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The 25 Best Bob Dylan Songs of the 21st Century

In the years since 2000, Dylan has renewed his creative energy and produced a catalog of songs that stand alongside any past era of his career

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“Things should start to get interesting right about now,” Bob Dylan sang in “Mississippi,” and he wasn’t kidding. At the end of the 20th century, he was 58 years old, one of the most worshipped, most mythologized, most misunderstood artists alive, and far from finished. Over the next two decades, he’d change the very structure of his music, using more sophisticated chords than he’d ever attempted before, turning to jazz and the pre-rock standards he’d helped overthrow for inspiration, while finally finding peace with the recording process, which had vexed him for decades. He pushed the limits of his magpie ways, borrowing riffs and phrases both verbal and musical from every conceivable source, while (almost) always alchemizing them into something new. He could be vicious (“Pay in Blood”) or strikingly playful (“I Contain Multitudes”), revisiting the absurdist wit of his Basement Tapes-era writing, or digging into the blues with a mastery that shames even his Sixties high points in that vein. He’s 79 now, and his fantastic new album, Rough and Rowdy Ways, is his latest definitive proof that youth and inexperience are thoroughly overrated.

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“Key West (Philosopher Pirate)”

Dylan usually feels right at home in the dark. But in “Key West (Philosopher Pirate),” he goes all the way into “the land of light” for the nine-minute accordion ballad of a grizzled outlaw hiding out in Florida, hounded by his memories. It’s a stunner from the new album — and one of Dylan’s most quietly devastating ruminations. He’s in a promised land of sunshine — as he sings, “Key West is the place to be if you’re looking for immortality.” But he’s alone except for his radio, confessing, “I’m searching for love, for inspiration, on that pirate radio station.” And he’s still haunted by desire, even amid the hibiscus flowers and fishtail palms, growling, “I play gumbo limbo spirituals/I know all the Hindu rituals.” In Dylan songs, Florida is usually just a place you run to when you need to duck the law, as in “Po’ Boy” or “Tweeter and the Monkey Man.” But “Key West” is something new — when he pleads, “Radio signal, play ‘Rescue Me’/I’m so deep in love that I can hardly see,” he sounds truly tangled up in blue. R.S.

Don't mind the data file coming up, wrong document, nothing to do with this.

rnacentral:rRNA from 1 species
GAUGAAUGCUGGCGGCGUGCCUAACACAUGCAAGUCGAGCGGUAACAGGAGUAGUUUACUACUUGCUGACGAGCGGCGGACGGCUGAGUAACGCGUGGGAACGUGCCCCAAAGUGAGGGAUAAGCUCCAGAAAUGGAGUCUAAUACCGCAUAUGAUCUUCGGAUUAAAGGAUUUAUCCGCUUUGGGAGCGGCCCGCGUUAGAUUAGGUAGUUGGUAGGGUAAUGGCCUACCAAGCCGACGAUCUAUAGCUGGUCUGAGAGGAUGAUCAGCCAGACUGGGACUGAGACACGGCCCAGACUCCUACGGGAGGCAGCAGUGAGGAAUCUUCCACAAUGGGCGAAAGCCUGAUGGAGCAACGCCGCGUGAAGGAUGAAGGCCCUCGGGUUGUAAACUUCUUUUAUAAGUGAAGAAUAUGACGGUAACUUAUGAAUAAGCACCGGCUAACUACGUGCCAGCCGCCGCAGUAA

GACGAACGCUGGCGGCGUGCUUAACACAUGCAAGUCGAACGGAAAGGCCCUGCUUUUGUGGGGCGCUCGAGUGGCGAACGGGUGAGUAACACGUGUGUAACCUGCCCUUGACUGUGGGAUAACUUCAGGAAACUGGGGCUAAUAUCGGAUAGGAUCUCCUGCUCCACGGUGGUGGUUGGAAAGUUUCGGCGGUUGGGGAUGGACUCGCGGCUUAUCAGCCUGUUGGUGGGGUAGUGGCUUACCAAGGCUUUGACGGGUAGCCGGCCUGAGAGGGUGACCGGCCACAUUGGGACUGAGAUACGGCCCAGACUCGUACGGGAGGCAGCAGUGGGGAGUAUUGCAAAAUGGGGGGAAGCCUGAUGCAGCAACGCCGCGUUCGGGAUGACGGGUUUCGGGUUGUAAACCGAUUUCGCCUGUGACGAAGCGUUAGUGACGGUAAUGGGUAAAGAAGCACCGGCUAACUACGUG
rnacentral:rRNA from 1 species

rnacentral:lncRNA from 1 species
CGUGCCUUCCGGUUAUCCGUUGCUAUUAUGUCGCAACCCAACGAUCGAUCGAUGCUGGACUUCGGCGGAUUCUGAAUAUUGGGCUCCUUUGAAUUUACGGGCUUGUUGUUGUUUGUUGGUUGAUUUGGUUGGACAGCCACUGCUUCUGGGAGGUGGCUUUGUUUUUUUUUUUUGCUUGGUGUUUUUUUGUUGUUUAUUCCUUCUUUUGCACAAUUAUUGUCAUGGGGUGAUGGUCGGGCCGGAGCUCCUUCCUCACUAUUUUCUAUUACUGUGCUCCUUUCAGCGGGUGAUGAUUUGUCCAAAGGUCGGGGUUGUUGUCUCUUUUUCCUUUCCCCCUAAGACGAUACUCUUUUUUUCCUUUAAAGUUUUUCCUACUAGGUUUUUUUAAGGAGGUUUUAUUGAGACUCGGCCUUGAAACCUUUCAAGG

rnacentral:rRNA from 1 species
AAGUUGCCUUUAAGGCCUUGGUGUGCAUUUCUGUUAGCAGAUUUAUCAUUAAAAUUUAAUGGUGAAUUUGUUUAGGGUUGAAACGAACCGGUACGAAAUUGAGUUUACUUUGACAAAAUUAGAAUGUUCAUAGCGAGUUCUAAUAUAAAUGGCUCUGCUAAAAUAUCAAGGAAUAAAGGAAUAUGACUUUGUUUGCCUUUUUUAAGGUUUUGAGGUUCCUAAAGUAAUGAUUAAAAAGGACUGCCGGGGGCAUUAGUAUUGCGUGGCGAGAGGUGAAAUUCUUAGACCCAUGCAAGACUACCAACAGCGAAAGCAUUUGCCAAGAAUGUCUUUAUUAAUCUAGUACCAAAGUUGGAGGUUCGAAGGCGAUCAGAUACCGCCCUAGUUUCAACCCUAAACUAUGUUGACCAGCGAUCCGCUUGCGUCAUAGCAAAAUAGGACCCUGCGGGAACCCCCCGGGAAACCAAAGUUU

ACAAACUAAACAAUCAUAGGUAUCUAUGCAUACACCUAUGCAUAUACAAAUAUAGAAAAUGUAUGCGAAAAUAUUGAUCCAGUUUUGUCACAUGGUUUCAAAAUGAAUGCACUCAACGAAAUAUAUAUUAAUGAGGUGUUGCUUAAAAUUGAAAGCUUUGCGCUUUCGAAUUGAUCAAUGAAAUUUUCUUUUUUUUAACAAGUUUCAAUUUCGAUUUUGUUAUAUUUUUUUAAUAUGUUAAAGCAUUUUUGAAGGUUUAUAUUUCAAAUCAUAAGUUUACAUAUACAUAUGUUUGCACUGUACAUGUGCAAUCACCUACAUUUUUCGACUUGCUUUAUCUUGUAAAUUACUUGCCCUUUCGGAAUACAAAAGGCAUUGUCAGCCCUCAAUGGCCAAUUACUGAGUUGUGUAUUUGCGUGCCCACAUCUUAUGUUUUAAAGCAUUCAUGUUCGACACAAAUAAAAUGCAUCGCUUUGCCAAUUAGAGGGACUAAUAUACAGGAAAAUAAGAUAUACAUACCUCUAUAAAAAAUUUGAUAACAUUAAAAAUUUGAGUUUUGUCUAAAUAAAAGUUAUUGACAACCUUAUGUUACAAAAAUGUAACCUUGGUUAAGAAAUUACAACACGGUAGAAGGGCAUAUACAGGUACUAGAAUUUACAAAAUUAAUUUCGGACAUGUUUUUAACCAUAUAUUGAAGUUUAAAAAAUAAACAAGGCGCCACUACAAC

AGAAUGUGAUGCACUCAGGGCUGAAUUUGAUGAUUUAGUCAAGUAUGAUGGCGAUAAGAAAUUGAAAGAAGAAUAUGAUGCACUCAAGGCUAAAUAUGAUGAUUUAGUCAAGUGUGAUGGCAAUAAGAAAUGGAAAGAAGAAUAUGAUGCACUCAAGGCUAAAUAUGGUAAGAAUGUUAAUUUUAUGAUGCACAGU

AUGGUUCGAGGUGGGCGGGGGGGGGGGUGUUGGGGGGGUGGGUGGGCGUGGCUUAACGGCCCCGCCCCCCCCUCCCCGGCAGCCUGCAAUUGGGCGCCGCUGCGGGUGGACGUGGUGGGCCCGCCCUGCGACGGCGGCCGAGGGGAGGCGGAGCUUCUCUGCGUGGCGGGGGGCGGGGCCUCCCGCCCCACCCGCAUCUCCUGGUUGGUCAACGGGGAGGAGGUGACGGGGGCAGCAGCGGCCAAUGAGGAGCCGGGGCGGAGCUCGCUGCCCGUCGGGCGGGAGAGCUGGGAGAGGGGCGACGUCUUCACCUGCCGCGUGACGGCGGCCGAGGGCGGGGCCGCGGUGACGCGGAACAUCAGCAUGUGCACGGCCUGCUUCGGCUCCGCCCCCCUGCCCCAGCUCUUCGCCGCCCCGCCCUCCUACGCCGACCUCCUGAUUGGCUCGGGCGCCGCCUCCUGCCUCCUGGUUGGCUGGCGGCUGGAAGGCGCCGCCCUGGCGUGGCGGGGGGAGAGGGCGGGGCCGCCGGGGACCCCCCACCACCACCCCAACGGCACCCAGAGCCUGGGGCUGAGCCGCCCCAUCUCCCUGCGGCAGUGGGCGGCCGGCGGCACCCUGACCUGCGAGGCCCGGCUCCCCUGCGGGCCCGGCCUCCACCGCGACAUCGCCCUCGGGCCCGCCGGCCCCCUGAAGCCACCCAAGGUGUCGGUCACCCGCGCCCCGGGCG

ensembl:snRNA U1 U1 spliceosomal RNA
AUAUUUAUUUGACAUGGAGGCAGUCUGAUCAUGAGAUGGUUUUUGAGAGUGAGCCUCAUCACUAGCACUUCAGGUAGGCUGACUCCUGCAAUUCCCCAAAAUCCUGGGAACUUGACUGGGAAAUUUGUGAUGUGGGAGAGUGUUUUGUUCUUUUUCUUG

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“Pay in Blood”

The relentlessly vicious “Pay in Blood” felt shocking when it came out, and a decade later it ranks among Dylan’s most searingly prophetic moments, an image of dumb, evil power flexing its amoral muscle on the neck of the weak. “I pay in blood, but not my own,” he growls, licking his chops as the song’s weirdly optimistic-feeling drive adds another level of grisly irony — as if its very anthemic lift is there to mock the people its narrator has crushed. In 2012, the lyrics seemed to evoke centuries of American violence, from slavery to disastrous foreign invasions. Today it sounds even more tragically urgent: Put it on and you can almost see Donald Trump trudging through Lafayette Square and red-state governors rushing to reopen as the death toll ticks higher. When this song becomes irrelevant, we shall be released. J.D.

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“Murder Most Foul”

“To me it’s not nostalgic,” Dylan retorted, forever prickly, when an interviewer used that word in reference to the 17-minute song he released in the spring of 2020. “I don’t think of ‘Murder Most Foul’ as a glorification of the past or some kind of send-off to a lost age. It speaks to me in the moment.” Here’s where Dylan’s head is right now, then, as the world spins off its axis once again. He’s thinking about John F. Kennedy’s assassination in November 1963, yes, but that quote is an important hint: He’s less interested in the historic truth of what happened in Dealey Plaza nearly 60 years ago than he is in how it made him feel, then and now. The longer “Murder Most Foul” goes on, the more shocked, hurt, and lost Dylan sounds. He’s reaching out for reassurance from the universe that just knocked him sideways. It could come from Charlie Parker or the Eagles, Little Richard or Thelonious Monk, “Another One Bites the Dust” or the Moonlight Sonata. The specific names he asks the late Wolfman Jack to play on his cosmic radio hour are less important than the sheer quantity of them. It’s as if the Nobel Prize made Dylan want to extend that same respect to every other popular musician whose work deserves to be canonized. As the final verses roll on, he sounds like he’s naming every song he can before we forget them, inscribing them all in a Book of Life expressed in the form of a midnight playlist. S.V.L.